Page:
- Australia expands its footprint in the Pacific: Australian PM Scott Morrison announced a USD2.2bn package aimed at the island nations of the south Pacific in an attempt to buttress Australia’s influence in what it sees as its backyard. A series of security and political initiatives are planned, along with funds for infrastructure development and export financing to bump up investment in the region.
- Canadian frigate joins naval exercise: Canadian frigate HMCS Calgary joined vessels from the US and Japan in a military exercise in the western Pacific. This has come on top of Britain and France boosting their presence in the South China Sea in recent months. The entry of western powers could set the stage for a clash – accidental or otherwise – in the increasingly crowded waterways and disputed territories.
- Refurbished warships from the US to shore up Taiwanese defences: The inauguration of two former US Perry-class warships to boost Taiwan’s shore defences will certainly invoke the ire of China. President Tsai Ing-wen vowed to not give in to Chinese threats.
- Amid all these, China unveils state-of-the-art weaponry: Amid pushback from US and its allies, China gave the world a glimpse of its sophisticated weaponry – the 609 intelligence radar and CM-401 anti-ship missile – for the first time at the Zhuhai air show. Impressively, these weapons stemmed from the successful nurturing of indigenous capabilities to develop cutting-edge technology and produce military hardware. More advanced weapon systems will go a long way in buffing up China’s military deterrent in maritime disputes in the region.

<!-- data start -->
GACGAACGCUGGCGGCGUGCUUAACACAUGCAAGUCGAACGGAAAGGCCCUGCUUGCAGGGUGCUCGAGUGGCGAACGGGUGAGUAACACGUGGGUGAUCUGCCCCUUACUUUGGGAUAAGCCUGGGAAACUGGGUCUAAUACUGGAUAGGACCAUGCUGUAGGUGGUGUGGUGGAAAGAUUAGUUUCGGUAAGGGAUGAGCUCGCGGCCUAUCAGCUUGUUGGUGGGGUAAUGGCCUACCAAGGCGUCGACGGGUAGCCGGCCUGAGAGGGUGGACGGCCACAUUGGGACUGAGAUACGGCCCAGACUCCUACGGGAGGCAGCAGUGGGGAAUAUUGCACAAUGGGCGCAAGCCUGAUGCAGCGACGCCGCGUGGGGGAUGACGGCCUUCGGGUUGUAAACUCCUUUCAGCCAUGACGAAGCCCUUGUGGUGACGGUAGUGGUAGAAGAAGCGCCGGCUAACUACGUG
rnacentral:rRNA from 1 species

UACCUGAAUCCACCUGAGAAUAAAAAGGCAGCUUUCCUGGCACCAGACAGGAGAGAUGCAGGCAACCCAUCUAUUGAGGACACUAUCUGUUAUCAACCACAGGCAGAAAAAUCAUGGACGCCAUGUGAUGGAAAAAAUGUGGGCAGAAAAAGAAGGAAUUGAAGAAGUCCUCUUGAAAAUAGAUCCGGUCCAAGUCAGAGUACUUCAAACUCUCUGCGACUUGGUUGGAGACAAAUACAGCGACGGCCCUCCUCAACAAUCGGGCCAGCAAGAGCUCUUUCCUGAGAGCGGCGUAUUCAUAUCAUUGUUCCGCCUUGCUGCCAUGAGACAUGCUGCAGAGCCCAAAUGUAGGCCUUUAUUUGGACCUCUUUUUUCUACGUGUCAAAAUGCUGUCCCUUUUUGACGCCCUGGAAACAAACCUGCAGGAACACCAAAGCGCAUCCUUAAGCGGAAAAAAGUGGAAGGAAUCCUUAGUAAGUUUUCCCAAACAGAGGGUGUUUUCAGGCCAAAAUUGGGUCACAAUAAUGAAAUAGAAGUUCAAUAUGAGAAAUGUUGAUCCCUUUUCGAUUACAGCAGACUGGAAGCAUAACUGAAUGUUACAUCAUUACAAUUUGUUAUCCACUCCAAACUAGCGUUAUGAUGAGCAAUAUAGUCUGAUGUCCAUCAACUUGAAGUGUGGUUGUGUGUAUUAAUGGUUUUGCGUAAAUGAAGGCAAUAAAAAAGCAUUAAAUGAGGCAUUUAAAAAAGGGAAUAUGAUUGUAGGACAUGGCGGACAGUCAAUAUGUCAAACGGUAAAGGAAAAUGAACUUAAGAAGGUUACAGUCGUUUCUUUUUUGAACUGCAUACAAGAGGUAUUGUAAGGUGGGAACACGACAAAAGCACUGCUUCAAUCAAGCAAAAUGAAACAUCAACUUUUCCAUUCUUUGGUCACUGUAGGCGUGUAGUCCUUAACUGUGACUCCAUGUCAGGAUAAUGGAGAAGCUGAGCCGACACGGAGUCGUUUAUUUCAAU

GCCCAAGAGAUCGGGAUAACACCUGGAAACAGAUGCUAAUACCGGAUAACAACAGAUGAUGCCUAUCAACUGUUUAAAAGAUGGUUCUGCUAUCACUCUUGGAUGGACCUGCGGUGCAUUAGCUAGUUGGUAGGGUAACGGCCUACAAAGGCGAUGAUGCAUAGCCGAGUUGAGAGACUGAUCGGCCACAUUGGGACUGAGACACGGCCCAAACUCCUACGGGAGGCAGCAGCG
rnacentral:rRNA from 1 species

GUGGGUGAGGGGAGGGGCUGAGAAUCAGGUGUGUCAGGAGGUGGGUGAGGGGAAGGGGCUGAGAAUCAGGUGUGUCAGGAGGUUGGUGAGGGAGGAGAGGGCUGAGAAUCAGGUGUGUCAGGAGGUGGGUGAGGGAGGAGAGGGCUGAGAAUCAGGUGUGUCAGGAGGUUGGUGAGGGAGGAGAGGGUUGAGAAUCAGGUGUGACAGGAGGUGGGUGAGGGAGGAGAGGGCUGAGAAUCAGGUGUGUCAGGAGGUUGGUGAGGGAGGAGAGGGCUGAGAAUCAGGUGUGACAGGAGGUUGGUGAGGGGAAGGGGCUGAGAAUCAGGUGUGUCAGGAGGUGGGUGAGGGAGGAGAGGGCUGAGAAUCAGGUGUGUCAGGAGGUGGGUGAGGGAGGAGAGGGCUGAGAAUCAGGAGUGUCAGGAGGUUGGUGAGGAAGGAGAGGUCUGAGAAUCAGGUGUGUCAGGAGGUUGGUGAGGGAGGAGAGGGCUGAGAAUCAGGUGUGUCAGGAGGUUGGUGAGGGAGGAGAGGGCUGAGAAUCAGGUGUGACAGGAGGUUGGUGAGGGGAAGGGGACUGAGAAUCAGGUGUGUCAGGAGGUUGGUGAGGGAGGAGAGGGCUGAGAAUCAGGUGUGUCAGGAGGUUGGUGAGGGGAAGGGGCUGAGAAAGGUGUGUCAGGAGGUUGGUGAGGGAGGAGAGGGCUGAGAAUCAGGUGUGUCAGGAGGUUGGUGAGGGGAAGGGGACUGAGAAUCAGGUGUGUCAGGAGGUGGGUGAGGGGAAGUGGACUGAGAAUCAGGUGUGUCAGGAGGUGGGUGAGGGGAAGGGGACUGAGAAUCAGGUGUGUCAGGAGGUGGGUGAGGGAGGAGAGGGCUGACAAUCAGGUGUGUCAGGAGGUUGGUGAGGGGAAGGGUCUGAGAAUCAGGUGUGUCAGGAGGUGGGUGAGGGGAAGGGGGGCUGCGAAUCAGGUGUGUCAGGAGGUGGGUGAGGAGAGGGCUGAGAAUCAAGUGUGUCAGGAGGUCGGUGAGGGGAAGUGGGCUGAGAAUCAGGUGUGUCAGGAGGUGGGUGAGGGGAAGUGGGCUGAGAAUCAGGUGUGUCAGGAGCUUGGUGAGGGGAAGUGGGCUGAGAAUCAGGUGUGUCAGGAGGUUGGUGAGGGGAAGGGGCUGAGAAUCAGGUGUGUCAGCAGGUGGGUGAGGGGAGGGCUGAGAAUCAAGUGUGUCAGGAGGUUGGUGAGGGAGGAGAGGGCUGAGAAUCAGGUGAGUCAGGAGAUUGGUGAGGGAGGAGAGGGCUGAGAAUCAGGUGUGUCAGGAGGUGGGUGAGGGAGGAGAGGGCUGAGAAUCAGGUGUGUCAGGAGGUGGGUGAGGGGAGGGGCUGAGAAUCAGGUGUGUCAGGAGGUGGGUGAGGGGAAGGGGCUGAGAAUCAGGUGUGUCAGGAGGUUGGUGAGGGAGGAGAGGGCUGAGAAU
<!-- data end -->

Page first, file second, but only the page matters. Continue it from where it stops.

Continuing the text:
Assessment: Making for a more fraught geopolitical environment for smaller Asian nations
The new normal for smaller Asian nations is continued jostling for hegemony between the US and China across various theatres in Asia. The US is proving to be formidable and can further strengthen its presence by calling upon its allies.
These developments make for a more fraught situation in Asia. The US and its allies are signalling to China that they will not allow the status quo China has created in the South China Sea with its occupation of territories seized from its neighbours to go unchallenged. While a military clash between China and Western powers remains unlikely, the risk of an accidental clash has risen.
The reassuring presence of US and allied forces in disputed waters and busy maritime channels provide some reprieve for Asian countries, serving as an effective counterbalance to growing Chinese influence and assertiveness. However, the should smaller Asian nations be forced to pick sides, the geopolitical calculations will be manifestly complex.